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"We’ve all known it’s coming, but still until you actually get there, you really don’t understand how you’re going to feel," said Stilson, who will be moving on to a job at NASA headquarters in Washington.
For her, the tears didn’t flow until the last leg of Endeavour’s cross-country flight to Los Angeles in September. Then, "I was bawling like a baby."
Bakehorn, in fact, is skipping Friday’s big Atlantis event, which is drawing NASA brass as well as members of the public paying up to $90 apiece.
"I’ve said my goodbyes. You can only do it only so many times," he said Thursday.
Earlier this week, the two NASA astronauts aboard the space station, Sunita Williams and Kevin Ford, thanked the remaining shuttle workers for their contribution. They also offered reassurance.
"We wouldn’t be here on the International Space Station if it wasn’t for the successful work of the space shuttles bringing all these modules up here," Williams told The Associated Press. "I’m sure there are many places that their talents would be wanted and desired."
To make it clear that Kennedy isn’t shutting down, NASA held a pair of news conferences on the eve of Atlantis’ move to talk up the growing commercial side of the space program and the future of human exploration.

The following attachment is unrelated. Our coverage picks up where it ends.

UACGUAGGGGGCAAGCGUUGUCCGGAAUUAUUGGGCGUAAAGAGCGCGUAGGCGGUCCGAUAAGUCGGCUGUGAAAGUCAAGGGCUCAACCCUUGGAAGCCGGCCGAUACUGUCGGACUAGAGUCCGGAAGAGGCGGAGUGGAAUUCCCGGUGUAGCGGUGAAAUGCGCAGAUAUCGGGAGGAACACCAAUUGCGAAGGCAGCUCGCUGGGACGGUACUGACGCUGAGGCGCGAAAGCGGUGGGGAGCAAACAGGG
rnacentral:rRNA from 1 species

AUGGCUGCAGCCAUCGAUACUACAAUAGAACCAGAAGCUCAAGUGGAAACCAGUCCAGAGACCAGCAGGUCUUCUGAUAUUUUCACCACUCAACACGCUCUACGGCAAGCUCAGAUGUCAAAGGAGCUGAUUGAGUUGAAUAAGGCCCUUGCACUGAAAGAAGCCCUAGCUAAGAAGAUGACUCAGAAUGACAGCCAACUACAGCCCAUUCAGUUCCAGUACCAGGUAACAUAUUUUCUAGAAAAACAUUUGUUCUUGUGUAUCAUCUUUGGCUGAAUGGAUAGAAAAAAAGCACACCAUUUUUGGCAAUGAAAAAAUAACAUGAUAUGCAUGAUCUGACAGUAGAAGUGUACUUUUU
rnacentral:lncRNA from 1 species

Just this past Sunday, an unmanned SpaceX Dragon capsule returned science samples and equipment from the space station after dropping off cargo. The Dragon rocketed into orbit Oct. 7 from the adjoining Cape Canaveral Air Force Station.
The California-based company hopes to provide ferry rides for astronauts in a few years and create more SpaceX jobs at Cape Canaveral.
But that’s in the future. Those about to lose their jobs are more focused on the here and now. They realize that they likely will have to settle for less satisfying work and lower pay.
Walsh doesn’t hold out much hope.
"I’m old. Too old. I’m 65," he said with a sigh. "I’m not ready to retire, but it looks like I’ll have to."
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